I have seen a lot of tubeless setups with all kinds of different ideas behind it. Rim choice, tire options, valves, fluid, tapes, amounts of fluid to use and air pressures. When the setup is wrong it can be one of the most frustrating experiences you can possibly imagine. Tires that won’t get on the rim and most infuriating is a tire that blows off the rim exploding fluid all over yourself, the room and if you’re real lucky, in your eyes.
Below is what I am running on my mountain bike which took me less than half an hour to set up both wheels tubeless this afternoon. Shop price on this work is between $40-$50 for labor and around $20 dollars for two valves.
What you will need to get started:
- A pump for easy tires. (possibly an air compressor at a gas station, or a Co2 canister)
- Your preferred choice of sealant, I like Stan’s and Orange Seal
- Tubeless Valves, I have Stan’s on my mountain and Shimano on my road
- Tire levers to get your tire off your rim
- Some way of measuring how much sealant you are putting in the tire
- Pliers, can make it easier if you need to remove a valve core or tighten/loosen a valve.
- Tubeless ready tires and rim
- Rim tape, Stan’s works very well. It can get damaged with tire levers if you are not careful.
- A nice cold beer
There are many different opinions and ways of setting up tubeless. I like to use products that are made to be tubeless instead of the ghetto idea that maybe it will work and I’ll constantly be messing with it on the trail. I’ve seen gorilla tape work really well for tubeless tape setup, but it is porous and most likely has to be changed more often.
First, remove your tire off your rim. I try to always start by using plastic tire levers. They are super cheap and can break easy, but they will not scar up and gouge your rim. If your tire is super hard to get off and plastic levers are breaking you may have to invest in metal tire levers that are about $25.
After the tire and tube is off the rim install preferred rim tape and tubeless valve. Using a truing wheel makes this really easy applying the tape. I like to clean the rim with alcohol and clean rag before applying the tape. Let the alcohol dry for a couple minutes before applying the tape and make sure it is straight. There shouldn’t be any part of the rim showing except the 90 degree curve of the rim upwards. This tape is the barrier to cover all of the nipple holes in your rim. Take your time and make sure its perfect. I’ve also used a heat gun from a few feet away to give it a little extra stick to the rim. Make sure the lock nut on the valve is tight, but not so tight you couldn’t remove it on the trail.
Most tires have a direction arrow indicating which way the tire should be put on the rim. It’s the worst when you finish putting your wheel on the bike and realize the tire is on backwards. Take your time and figure it out.
Once you’re sure the rim tape is perfect and the valve is installed, it’s time to install the tire. The arrow on the sidewall of the tire should be point the way the wheel will spin. With an easy tire that goes on and off the rim without much fuss this is the easiest way to add sealant. I like to put half of the tire on the rim and then leave the other half off. Shake up your sealant well and add it to the tire. I used 2oz for a 29×2.35 and 29.2.25 tire. Some people may add more, but that is a good start. Then put the rest of your tire on and pump it up. Make sure it is seating correctly and don’t exceed 40psi or the risk for a blow off could happen.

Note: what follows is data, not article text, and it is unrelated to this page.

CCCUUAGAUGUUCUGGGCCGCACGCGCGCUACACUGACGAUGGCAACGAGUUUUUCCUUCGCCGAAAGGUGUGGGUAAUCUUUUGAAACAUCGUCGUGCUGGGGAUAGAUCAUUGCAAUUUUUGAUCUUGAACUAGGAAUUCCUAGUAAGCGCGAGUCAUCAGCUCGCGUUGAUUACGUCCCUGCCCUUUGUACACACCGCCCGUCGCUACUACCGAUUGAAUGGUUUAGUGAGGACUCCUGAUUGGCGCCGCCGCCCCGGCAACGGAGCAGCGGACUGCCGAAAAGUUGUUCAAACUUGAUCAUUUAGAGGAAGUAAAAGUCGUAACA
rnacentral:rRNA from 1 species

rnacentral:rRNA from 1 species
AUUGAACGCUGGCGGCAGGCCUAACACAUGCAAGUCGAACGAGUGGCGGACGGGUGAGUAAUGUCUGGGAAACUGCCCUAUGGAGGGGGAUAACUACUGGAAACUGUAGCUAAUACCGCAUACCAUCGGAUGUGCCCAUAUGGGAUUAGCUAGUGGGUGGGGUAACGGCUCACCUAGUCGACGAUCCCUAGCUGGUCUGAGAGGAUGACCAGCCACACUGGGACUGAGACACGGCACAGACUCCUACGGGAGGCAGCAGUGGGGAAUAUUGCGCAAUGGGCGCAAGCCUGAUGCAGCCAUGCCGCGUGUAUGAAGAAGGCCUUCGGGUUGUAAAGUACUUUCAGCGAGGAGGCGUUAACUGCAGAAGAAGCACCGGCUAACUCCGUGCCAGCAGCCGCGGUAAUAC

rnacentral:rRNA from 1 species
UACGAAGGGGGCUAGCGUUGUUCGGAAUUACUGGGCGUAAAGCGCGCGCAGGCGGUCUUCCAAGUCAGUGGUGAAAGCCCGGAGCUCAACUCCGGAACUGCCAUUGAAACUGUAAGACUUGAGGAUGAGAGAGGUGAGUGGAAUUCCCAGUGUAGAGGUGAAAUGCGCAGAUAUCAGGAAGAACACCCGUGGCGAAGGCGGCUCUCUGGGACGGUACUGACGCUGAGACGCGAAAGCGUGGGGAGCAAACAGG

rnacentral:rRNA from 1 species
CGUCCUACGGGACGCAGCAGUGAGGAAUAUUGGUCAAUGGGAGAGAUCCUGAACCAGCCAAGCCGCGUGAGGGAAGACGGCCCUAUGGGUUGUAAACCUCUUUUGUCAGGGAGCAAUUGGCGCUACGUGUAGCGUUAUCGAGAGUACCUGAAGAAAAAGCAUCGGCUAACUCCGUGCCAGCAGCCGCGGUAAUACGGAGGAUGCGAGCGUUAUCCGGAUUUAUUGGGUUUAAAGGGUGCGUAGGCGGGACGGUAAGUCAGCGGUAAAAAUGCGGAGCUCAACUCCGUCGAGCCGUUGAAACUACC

Remember the idea of the sealant is to slosh around in the tire helping to seal the bead on the rim. The tire and rim contact point is what is keeping the tire on the rim, not the liquid. The sealant helps to make that seal from leaking air or aids against flats. If a thorn goes through your tire the sealant will help make an air seal. Large objects like nails or glass may be too big of a hole for a seal alone and will need a tubeless tire plug or patch from the inside of the tire.
Personally, I am more concerned of the added weight of adding another 1-2oz of liquid in my wheels and that is why I use 2oz. If I am loosing a lot of air I can add a splash more. If you are prone to riding over a lot of thorns giving you flats maybe add another ounce of sealant. On my road bike I put about 3oz in each wheel because of the higher air pressures and most of the flats are from small objects like household tacks. The sealant sprays out pretty intense at 100psi on a 700x25mm tire versus a 29.2.25 with 30psi.
On a new tubeless setup you must check your air pressure for a few days. The air will slowly seep out a few psi everyday and could be very low when you get ready to ride. After awhile the liquid will seal right up and you won’t loose as much air.
In the end it is a good idea to always ride with a spare tube, pump/co2, tire lever and multi tool. Out in the woods or on a long road ride it isn’t the best to rely solely on tubeless sealant to get you out of any situation.
Here’s a pretty good video from Stan’s about the myths and misconceptions regarding tubeless: